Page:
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Russian Geological Research Institute
TsNIGR Museum

Kimberlite with visible diamond

Until the second half of the XIX century, all diamonds were mined from placers in river valleys; their bedrock sources remained unknown. Due to its hardness, diamond can be carried by water streams over long distances, so the search for primary deposits in the immediate vicinity of the placers remained unsuccessful for a long time. Only in 1871 in South Africa, near the town of Kimberley, the first primary diamond deposit was discovered. The rock containing diamond is called “kimberlite”.

Kimberlite is a volcanic (eruptive) breccia, hypabyssal (formed at a shallow depth) ultramafic rock of a porphyritic texture. It necessarily contains fragments of deep ultramafic rocks and their minerals: pyrope, olivine, ilmenite, chromium diopside, phlogopite, and sometimes diamond. Primary diamond deposits are huge volcanic vents, less often large fractures in the earth's crust filled with kimberlite. In the upper part, vents usually have funnel-shaped extensions and gradually narrow downwards. Because of their tubular shape, these vents are commonly referred to as volcanic pipes or diatremes. Their diameter at the level of the earth's surface varies from 10-20 to 1500 m. With depth, the pipes gradually narrow and turn into fractures to a few tens of metres wide.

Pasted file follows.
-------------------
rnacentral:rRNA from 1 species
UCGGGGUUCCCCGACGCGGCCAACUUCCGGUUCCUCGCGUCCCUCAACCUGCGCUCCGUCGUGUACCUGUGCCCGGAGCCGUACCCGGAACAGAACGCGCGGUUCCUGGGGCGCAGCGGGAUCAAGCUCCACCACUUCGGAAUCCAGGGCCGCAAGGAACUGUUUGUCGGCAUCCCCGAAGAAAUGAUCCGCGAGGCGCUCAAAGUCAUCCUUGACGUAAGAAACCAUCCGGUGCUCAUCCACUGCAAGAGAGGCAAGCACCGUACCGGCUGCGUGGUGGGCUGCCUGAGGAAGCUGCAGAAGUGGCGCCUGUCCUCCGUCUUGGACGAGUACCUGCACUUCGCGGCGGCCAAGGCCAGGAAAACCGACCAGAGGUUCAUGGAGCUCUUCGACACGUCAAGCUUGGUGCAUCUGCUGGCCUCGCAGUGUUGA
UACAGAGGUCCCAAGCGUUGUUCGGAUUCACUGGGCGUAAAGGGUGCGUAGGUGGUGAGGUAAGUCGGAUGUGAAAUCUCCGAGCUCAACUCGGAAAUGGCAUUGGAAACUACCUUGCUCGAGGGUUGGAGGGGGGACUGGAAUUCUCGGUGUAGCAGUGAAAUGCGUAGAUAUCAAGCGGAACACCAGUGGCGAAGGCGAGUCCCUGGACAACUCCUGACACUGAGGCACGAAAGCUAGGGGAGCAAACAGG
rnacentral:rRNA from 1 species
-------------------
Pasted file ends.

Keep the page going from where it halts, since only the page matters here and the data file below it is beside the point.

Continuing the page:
Diamonds are found in kimberlite in the form of separate crystals and their intergrowths, as well as dense or spongy aggregates consisting of many tiny grains. The average mass of diamonds in various deposits ranges from hundredths to one carat. The concentration of diamonds even in the most enriched kimberlite varieties is about one millionth of the mass of the rock.